Istanbul, Beyond the Headlines
It seems funny to put together a post about Istanbul, my current home, when I’m travelling in Morocco, but I guess it’s no more funny than the posts I’ve put together about anywhere else, from anywhere else. That’s the beauty of a travel blog I suppose, it doesn’t matter where you’re writing from, but rather what you’re writing about. In truth, Istanbul is a city that slips into my thoughts wherever I am, and it will likely continue to do so for the rest of my life, regardless of my location.
I’ve written plenty about Istanbul and Turkey prior, and I’ve even written some passionate diatribes after some tough events, which perfectly reflect the emotional turbulence I was experiencing. What I wrote after witnessing the second bombing is a good example of that, and will shed some light on what I’m referring to. Life here isn’t always easy, that is for certain.
However, I guess that this post in particular is a response to the fact that, despite the headlines and so forth, my nearly three years in Istanbul has been tremendously positive. I’ve fallen in love with a city which satisfies my never-ending curiosity, and that’s a major feat. I’ve learned a fair bit of Turkish, I’ve delved into the work of the country’s authors and poets, and I’ve inhaled the legends and tales of the past. I have a view of this city and this country that surpasses the narrow narrative that has come to represent Istanbul. That being said, I do want to take a moment to pay respect to individuals whose lives in this city may not be as positive, and in no way do I intend to pave over those important narratives (the daily struggles of Syrian refuges in Istanbul come to mind).
What I also need to communicate before moving forward is not that the headlines aren’t valid, because they might be, depending on the headline, but rather that the story is deeper than that. And to be transparent, with all that I know and understand now, I can’t even say that I’m terribly optimistic about everything, but I can say that though my time here has been peppered with turmoil, the underlying narrative thread has been that of intrigue, joy, compassion, and love.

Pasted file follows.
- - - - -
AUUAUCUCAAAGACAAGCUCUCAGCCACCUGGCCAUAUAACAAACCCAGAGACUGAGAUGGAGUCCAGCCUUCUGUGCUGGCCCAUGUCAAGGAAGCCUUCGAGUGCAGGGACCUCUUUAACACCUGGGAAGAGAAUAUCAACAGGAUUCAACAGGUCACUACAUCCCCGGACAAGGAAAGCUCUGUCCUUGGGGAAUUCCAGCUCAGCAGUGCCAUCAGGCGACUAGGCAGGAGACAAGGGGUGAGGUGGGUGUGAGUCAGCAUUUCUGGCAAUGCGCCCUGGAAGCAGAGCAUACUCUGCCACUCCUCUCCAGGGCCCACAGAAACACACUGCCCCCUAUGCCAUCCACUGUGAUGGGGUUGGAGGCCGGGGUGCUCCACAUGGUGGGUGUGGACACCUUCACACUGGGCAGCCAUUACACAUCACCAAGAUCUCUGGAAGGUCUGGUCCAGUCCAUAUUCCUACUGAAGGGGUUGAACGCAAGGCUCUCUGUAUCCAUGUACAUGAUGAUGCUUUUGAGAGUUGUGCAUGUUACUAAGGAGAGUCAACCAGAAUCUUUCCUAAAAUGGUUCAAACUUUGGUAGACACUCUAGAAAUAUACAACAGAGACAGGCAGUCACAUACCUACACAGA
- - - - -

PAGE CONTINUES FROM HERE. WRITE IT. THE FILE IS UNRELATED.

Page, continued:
I’m somebody who spends a lot of time reflecting - and probably far too much time doing so. For better or for worse, I’m always deep in a train of thought. Ironically, I think my teachers thought I wasn’t paying attention growing up, but I was paying attention, just not necessarily to them (and now I’m a teacher, figure that one out!). And if I’m not lost in a train of thought, then it’s likely I’m thinking about what powers that train, reflecting on reflection itself. I will say this, I wouldn’t trade my mind for anything, but I also wouldn’t wish it upon anyone else without a thousand-page manual.
Before I digress into some manuscript on quantum states and psychology, let me bring it back to the topic at hand. Istanbul has provided me opportunity for infinite reflection, and when I think upon it, my heart warms as if I’m thinking about a family member. This is not a narrative that is conveyed very often. Through photos I’ve taken, likely while walking and reflecting, I want to show my side of Istanbul.
I’m not making a statement, or constructing a grand narrative, all I want to do is show you my Istanbul. I’m not blind to all that is going on here, but I’m also not willing to close my eyes and embrace darkness when I still see such vibrant light peaking through the cracks. I hope that, in some small way, the Istanbul I see and feel will come through these photos.
Have you visited Istanbul before? What did you think? Do you think the photos do it justice? Any and all commentary is welcome below and my writing or photos! I always love to hear from my readers!